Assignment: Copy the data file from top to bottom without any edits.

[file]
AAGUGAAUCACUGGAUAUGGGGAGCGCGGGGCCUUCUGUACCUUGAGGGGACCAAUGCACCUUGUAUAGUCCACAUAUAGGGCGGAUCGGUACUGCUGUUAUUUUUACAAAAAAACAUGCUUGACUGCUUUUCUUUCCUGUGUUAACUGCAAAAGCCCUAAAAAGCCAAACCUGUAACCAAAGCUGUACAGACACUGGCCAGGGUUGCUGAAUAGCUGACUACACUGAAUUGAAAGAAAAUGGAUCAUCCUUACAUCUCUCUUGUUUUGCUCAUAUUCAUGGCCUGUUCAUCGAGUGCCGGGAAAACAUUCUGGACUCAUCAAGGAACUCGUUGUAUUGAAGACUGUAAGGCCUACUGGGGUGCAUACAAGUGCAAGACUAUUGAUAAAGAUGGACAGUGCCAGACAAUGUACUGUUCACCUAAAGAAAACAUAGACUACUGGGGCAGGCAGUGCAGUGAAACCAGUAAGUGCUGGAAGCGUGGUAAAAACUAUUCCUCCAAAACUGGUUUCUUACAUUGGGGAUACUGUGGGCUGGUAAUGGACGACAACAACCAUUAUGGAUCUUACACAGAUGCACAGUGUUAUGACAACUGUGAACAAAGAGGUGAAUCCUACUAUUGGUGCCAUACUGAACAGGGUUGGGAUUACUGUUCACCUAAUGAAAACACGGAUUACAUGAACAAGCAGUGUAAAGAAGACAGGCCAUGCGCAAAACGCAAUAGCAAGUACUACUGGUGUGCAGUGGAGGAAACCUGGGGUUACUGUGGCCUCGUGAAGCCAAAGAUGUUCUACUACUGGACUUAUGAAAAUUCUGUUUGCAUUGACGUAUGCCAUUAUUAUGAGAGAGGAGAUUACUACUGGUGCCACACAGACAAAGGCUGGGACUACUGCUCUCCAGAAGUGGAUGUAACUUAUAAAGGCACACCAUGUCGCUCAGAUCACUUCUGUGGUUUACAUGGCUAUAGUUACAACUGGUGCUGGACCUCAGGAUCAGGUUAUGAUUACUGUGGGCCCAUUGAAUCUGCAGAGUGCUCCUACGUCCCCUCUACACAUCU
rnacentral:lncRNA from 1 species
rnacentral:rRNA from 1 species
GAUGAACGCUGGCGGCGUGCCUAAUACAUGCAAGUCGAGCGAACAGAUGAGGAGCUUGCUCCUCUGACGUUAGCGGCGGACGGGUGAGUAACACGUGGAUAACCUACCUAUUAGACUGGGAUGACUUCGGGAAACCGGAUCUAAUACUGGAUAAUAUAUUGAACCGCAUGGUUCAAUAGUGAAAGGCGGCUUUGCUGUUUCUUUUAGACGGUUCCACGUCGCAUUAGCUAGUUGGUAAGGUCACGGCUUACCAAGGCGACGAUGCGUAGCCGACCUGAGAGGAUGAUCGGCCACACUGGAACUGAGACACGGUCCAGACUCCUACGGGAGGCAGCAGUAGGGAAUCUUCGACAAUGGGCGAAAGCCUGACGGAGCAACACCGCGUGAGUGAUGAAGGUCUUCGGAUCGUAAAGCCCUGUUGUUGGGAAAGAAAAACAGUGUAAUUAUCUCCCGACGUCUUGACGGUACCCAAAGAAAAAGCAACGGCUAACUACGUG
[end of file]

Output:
AAGUGAAUCACUGGAUAUGGGGAGCGCGGGGCCUUCUGUACCUUGAGGGGACCAAUGCACCUUGUAUAGUCCACAUAUAGGGCGGAUCGGUACUGCUGUUAUUUUUACAAAAAAACAUGCUUGACUGCUUUUCUUUCCUGUGUUAACUGCAAAAGCCCUAAAAAGCCAAACCUGUAACCAAAGCUGUACAGACACUGGCCAGGGUUGCUGAAUAGCUGACUACACUGAAUUGAAAGAAAAUGGAUCAUCCUUACAUCUCUCUUGUUUUGCUCAUAUUCAUGGCCUGUUCAUCGAGUGCCGGGAAAACAUUCUGGACUCAUCAAGGAACUCGUUGUAUUGAAGACUGUAAGGCCUACUGGGGUGCAUACAAGUGCAAGACUAUUGAUAAAGAUGGACAGUGCCAGACAAUGUACUGUUCACCUAAAGAAAACAUAGACUACUGGGGCAGGCAGUGCAGUGAAACCAGUAAGUGCUGGAAGCGUGGUAAAAACUAUUCCUCCAAAACUGGUUUCUUACAUUGGGGAUACUGUGGGCUGGUAAUGGACGACAACAACCAUUAUGGAUCUUACACAGAUGCACAGUGUUAUGACAACUGUGAACAAAGAGGUGAAUCCUACUAUUGGUGCCAUACUGAACAGGGUUGGGAUUACUGUUCACCUAAUGAAAACACGGAUUACAUGAACAAGCAGUGUAAAGAAGACAGGCCAUGCGCAAAACGCAAUAGCAAGUACUACUGGUGUGCAGUGGAGGAAACCUGGGGUUACUGUGGCCUCGUGAAGCCAAAGAUGUUCUACUACUGGACUUAUGAAAAUUCUGUUUGCAUUGACGUAUGCCAUUAUUAUGAGAGAGGAGAUUACUACUGGUGCCACACAGACAAAGGCUGGGACUACUGCUCUCCAGAAGUGGAUGUAACUUAUAAAGGCACACCAUGUCGCUCAGAUCACUUCUGUGGUUUACAUGGCUAUAGUUACAACUGGUGCUGGACCUCAGGAUCAGGUUAUGAUUACUGUGGGCCCAUUGAAUCUGCAGAGUGCUCCUACGUCCCCUCUACACAUCU
rnacentral:lncRNA from 1 species
rnacentral:rRNA from 1 species
GAUGAACGCUGGCGGCGUGCCUAAUACAUGCAAGUCGAGCGAACAGAUGAGGAGCUUGCUCCUCUGACGUUAGCGGCGGACGGGUGAGUAACACGUGGAUAACCUACCUAUUAGACUGGGAUGACUUCGGGAAACCGGAUCUAAUACUGGAUAAUAUAUUGAACCGCAUGGUUCAAUAGUGAAAGGCGGCUUUGCUGUUUCUUUUAGACGGUUCCACGUCGCAUUAGCUAGUUGGUAAGGUCACGGCUUACCAAGGCGACGAUGCGUAGCCGACCUGAGAGGAUGAUCGGCCACACUGGAACUGAGACACGGUCCAGACUCCUACGGGAGGCAGCAGUAGGGAAUCUUCGACAAUGGGCGAAAGCCUGACGGAGCAACACCGCGUGAGUGAUGAAGGUCUUCGGAUCGUAAAGCCCUGUUGUUGGGAAAGAAAAACAGUGUAAUUAUCUCCCGACGUCUUGACGGUACCCAAAGAAAAAGCAACGGCUAACUACGUG